Why The Richest Americans Are Donating Less To Charity Than Poor Americans?
Interestingly, a study shows that richest Americans are giving less of their income to charities, while poor and middle-income people are donating a larger share, according to the Chronicle of Philanthropy’s analysis of tax-deduction data from the IRS.
While the United States boasts the largest number of billionaires in the world, Wealthy Americans have gotten stingy about giving to charity.
There may be a reason the wealthiest Americans keep getting richer since the recession because they are giving less money to charity than poorer Americans.
– The wealthiest Americans, who earned $200,000 or more a year reduced their charitable donations by 4.6 percent.
– Those earning less than $100,000 annually bumped up giving to good causes by 4.5 percent or more of their income.
– Those earning $25,000 or less donating 16.6% more.
– Among the 50 largest cities, Salt Lake City had the most generous residents, giving away 5.4% of their incomes. It was followed by Memphis, Tennessee (#2); Birmingham, Alabama(#3); Atlanta (#4), and Nashville, Tennessee (#5).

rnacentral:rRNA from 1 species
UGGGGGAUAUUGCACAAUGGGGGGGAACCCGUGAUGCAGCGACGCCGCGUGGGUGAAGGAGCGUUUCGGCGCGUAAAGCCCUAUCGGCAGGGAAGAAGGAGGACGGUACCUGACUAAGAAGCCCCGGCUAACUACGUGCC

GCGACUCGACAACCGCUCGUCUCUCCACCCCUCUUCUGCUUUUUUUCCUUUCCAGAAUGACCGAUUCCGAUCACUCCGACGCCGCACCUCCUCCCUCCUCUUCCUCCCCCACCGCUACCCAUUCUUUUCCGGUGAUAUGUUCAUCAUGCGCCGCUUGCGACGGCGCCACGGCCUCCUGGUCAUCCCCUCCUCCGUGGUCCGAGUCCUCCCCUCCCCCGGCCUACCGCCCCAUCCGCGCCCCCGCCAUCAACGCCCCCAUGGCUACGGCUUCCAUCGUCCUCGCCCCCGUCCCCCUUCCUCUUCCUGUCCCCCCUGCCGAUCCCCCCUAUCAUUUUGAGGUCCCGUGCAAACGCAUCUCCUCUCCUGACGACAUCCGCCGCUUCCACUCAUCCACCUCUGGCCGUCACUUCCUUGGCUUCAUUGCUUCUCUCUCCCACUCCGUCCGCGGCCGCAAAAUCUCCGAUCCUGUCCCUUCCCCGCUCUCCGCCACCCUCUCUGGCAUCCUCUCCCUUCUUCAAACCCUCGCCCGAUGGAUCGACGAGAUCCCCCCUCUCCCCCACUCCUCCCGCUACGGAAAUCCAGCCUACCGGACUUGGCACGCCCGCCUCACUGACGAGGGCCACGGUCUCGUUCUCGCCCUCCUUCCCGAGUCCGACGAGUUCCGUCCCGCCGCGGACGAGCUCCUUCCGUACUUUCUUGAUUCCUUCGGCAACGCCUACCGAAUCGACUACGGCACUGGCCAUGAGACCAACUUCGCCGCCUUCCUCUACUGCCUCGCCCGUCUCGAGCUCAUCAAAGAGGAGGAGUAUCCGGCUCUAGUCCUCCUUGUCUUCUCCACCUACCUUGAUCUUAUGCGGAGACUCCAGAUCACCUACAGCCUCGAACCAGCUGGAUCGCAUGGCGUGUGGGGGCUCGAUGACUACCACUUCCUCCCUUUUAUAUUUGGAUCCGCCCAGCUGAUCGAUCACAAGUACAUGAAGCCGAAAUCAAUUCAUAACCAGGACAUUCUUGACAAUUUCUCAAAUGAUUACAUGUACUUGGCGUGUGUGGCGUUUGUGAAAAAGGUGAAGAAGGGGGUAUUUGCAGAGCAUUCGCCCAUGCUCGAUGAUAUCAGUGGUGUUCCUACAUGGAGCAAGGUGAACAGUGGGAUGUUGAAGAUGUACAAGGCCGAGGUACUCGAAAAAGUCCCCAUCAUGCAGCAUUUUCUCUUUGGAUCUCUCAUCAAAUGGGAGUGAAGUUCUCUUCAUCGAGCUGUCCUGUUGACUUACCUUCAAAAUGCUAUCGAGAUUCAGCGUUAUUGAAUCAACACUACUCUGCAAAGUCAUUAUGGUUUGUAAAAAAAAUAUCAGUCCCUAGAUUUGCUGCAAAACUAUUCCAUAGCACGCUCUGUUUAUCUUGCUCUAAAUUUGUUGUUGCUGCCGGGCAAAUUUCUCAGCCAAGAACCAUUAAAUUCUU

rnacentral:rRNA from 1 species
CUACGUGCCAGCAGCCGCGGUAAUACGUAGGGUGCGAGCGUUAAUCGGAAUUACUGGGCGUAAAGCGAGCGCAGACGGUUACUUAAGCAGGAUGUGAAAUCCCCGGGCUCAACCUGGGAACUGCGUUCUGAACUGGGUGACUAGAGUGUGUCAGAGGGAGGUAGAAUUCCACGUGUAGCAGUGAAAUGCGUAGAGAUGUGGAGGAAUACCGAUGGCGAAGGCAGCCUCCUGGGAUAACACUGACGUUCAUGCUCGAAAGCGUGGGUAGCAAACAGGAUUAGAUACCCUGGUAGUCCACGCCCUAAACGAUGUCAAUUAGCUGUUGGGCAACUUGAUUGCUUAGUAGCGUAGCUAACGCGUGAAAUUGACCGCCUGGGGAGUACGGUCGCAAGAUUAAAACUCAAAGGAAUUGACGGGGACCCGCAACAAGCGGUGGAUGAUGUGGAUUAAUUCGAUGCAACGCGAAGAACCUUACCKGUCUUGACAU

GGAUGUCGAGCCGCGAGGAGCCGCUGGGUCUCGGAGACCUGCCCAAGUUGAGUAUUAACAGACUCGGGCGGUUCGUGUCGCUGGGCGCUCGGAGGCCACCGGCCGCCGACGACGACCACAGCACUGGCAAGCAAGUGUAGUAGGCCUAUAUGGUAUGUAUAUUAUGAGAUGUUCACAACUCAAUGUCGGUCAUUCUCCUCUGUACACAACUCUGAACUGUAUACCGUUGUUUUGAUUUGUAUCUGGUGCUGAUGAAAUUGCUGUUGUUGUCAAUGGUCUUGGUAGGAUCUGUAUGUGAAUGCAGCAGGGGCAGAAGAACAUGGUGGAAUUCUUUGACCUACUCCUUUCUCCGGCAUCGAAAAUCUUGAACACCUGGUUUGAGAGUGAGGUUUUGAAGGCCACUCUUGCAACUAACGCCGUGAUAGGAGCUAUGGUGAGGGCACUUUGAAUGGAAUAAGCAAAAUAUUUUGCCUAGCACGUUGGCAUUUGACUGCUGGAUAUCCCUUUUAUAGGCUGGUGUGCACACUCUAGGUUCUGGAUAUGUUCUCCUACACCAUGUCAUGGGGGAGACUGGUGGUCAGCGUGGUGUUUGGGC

– The No. 1 most generous state was Utah, Mississippi was the 2nd-most giving state in the United States, while Alabama came in 3rd, followed by Tennessee (#4th) and Georgia (#5th).
– Wealthy Americans tended to donate more to art museums, opera, higher education, or hospitals than to social service charities.
– Unlike their wealthier counterparts, lower- and middle-income American often give to social service organizations
Keep in mind that, even though the percentage of contributions from rich Americans declined, they still contributed more money overall, the wealthiest Americans donated $77.5 billion in 2012, an increase of $4.6 billion after adjusting for inflation.
Those who earned less than $100,000 gave $57.3 billion in the same period. In all, Americans donated $180 billion to charity in 2012.
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